When she was 23, Anna’s* parents proposed to her and her three brothers aged 16, 18 and 21 that they engage in the family’s philanthropic activities. They were given a four-year budget and complete freedom to donate to projects of their choice. The only conditions were to personally get involved in the projects they wanted to support, to maintain regular contact with the beneficiaries and to visit them in person. ‘My parents and grandparents always taught me to share,’ explains Jacques, their father. ‘We want to go further with our children. Not only teaching them to give by themselves, but also making them understand that they are very privileged. We also try to encourage them to spend time together. It is essential that they remain close to one another.’
This family is one of a number of other family groups in Switzerland who are preparing the next generation to establish a public interest foundation or to create a donor advised fund to facilitate their engagement in philanthropy. These entrepreneurial families face two challenges: to prepare their children’s inheritance and, of equal importance, to prepare their children for that inheritance. But what are the expectations of this new generation in Switzerland?
Defining their role and contribution in philanthropy
Based on individual experiences, and in response to growing interest from new generations in philanthropy, the NewGen Council on Family Philanthropy was created in 2016 to encourage best practice exchanges among peers, and to define their individual roadmap for their philanthropy. This global initiative is interesting in that its initiators are based in Switzerland: the umbrella foundation Swiss Philanthropy Foundation, WISE philanthropy advisors, the Family Business Network and the Polaris initiative.
The first two of four meetings took place in 2016, and demonstrate that these young people have more commonalities than differences in the practice of their philanthropy. Halfway through this series of meetings, it is still somewhat premature to draw conclusions. However, among the group’s first decisions was to be not a ‘NextGen’ but a ‘NewGen’. There is a serious point here: they are not only taking over, but also developing their own vision.
These entrepreneurial families face two challenges: to prepare their children’s inheritance and, of equal importance, to prepare their children for that inheritance. But what are the expectations of this new generation in Switzerland?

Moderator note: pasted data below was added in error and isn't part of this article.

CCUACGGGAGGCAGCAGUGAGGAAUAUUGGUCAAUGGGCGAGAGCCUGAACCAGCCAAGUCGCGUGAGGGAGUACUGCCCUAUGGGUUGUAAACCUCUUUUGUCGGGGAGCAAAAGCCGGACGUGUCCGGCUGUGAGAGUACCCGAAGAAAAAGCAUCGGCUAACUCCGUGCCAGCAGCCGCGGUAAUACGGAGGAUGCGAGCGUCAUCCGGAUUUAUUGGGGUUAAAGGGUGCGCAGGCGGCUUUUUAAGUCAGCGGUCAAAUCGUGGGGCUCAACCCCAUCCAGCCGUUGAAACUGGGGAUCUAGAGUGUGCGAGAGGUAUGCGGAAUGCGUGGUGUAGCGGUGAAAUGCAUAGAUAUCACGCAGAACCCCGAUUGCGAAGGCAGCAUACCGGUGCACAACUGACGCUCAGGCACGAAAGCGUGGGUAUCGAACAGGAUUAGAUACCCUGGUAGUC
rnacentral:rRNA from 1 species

Access to an exceptional learning platform
In 2016, another key event in Switzerland was the launch of the Debiopharm Chair in Family Philanthropy. With the impulse of the Debiopharm family business, the IMD business school in Lausanne announced in the summer of 2016 that this chair would help develop a centre of excellence in the teaching of family philanthropy well beyond Switzerland. Given IMD’s outstanding track record, it’s worth keeping a close eye on this chair, since it will bring together many generations of family entrepreneurs in the various programmes.
Understanding impact investing and getting involved in a circle of young philanthropists
Although developments foreshadowing the impact investing movement have been in evidence in Switzerland for the last seven or eight years – see an excellent publication ‘10 Finance Innovations‘ by Sustainable Finance Geneva – the country is now seeing the same trends in the field as are apparent elsewhere. We should also point out the successful Impact Finance Fund, which was co-created by Benjamin Firmenich, a member of the eponymous family corporation. In response to the interest from new generations to meet as peers, four young people from family businesses have created a chapter of the Nexus network, which facilitates meetings between young philanthropists to discuss their professional calling as well as their philanthropic engagement.
Among the group’s first decisions was to be not a ‘NextGen’ but a ‘NewGen’. There is a serious point here: they are not only taking over, but also developing their own vision.
Switzerland is not exceptional in the commitment of its young generation in philanthropy, but its geographic position, its cluster of diverse and strategic stakeholders, and its quality infrastructure strategically position this country to share its know-how.
Etienne Eichenberger is a founder of WISE Philanthropy Advisors, Switzerland. Email firstname.lastname@example.org
* Not real names